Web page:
The Skyline has been a staple of the Japanese auto industry for 60 years.

Mention a Nissan Skyline to auto enthusiasts, and their mind likely immediately conjures visions of high-horsepower coupes capable of challenging some of the world’s best performance cars. The model is arguably the "Most Iconic Japanese Car Ever." However, the Skyline nameplate celebrates its 60th anniversary this year, and a new video provides a look at the model’s evolution. 

The Skyline joined the lineup of the Prince Motor Company in 1957, and the sedan featured a design that borrowed a lot from American cars of the time, particularly the contemporary Chevrolet. When the automaker merged with Nissan in 1966, the Skyline didn’t go away. The first GT-R arrived in 1969 with a 2.0-liter inline six making a sonorous sound.

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After 16 years off the market, the GT-R returned in the late 1980s. By a decade later, it evolved into the amazing R34 with a biturbo 2.6-liter inline six with a factory claimed 276 horsepower (206 kilowatts). All-wheel drive and four-wheel steering made the coupe a sharp handler, too. A limited run of 20 Z-tune variants from Nismo pushed the engine to 2.8-liters and the output to 493 hp (368 kW).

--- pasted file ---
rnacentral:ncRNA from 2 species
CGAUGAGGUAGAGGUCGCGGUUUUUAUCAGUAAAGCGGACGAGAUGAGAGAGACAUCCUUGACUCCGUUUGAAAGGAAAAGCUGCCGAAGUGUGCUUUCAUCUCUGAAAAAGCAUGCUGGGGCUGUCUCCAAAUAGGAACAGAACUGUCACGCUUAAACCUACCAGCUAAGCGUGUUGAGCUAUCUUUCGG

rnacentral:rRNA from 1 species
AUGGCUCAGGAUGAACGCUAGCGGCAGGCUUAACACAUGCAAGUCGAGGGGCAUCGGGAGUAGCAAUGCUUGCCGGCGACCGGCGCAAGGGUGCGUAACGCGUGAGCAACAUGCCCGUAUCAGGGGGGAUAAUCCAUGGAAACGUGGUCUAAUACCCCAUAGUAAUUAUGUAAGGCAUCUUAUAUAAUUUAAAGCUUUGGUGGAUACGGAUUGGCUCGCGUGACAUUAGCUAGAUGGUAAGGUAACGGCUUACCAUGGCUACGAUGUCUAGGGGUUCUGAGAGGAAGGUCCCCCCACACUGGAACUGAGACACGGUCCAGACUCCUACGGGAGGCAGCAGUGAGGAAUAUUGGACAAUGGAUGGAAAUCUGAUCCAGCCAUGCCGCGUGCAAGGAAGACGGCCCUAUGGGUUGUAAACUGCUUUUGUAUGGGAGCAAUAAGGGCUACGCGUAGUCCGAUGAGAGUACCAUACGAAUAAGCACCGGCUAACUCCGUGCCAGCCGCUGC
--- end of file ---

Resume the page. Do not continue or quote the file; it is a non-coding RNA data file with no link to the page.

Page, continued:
The United States’ 25-year exemption rule means that Americans can finally start to enjoy the classic GT-R. A police officer legally imported the first R32 into the country on January 1, 2015.

With the modern GT-R, Nissan officially separated the Skyline from the high-performance version. While badged as the Infiniti G35, G37, and Q50 elsewhere, they were Skylines in Japan.

Nissan refreshed the GT-R last year by giving it a revised front end and other tweaks. Spy shots indicate that an upgraded GT-R Nismo could arrive at the Tokyo Motor Show with improvements like bigger brakes and new fender vents.

Source: Donut Media via YouTube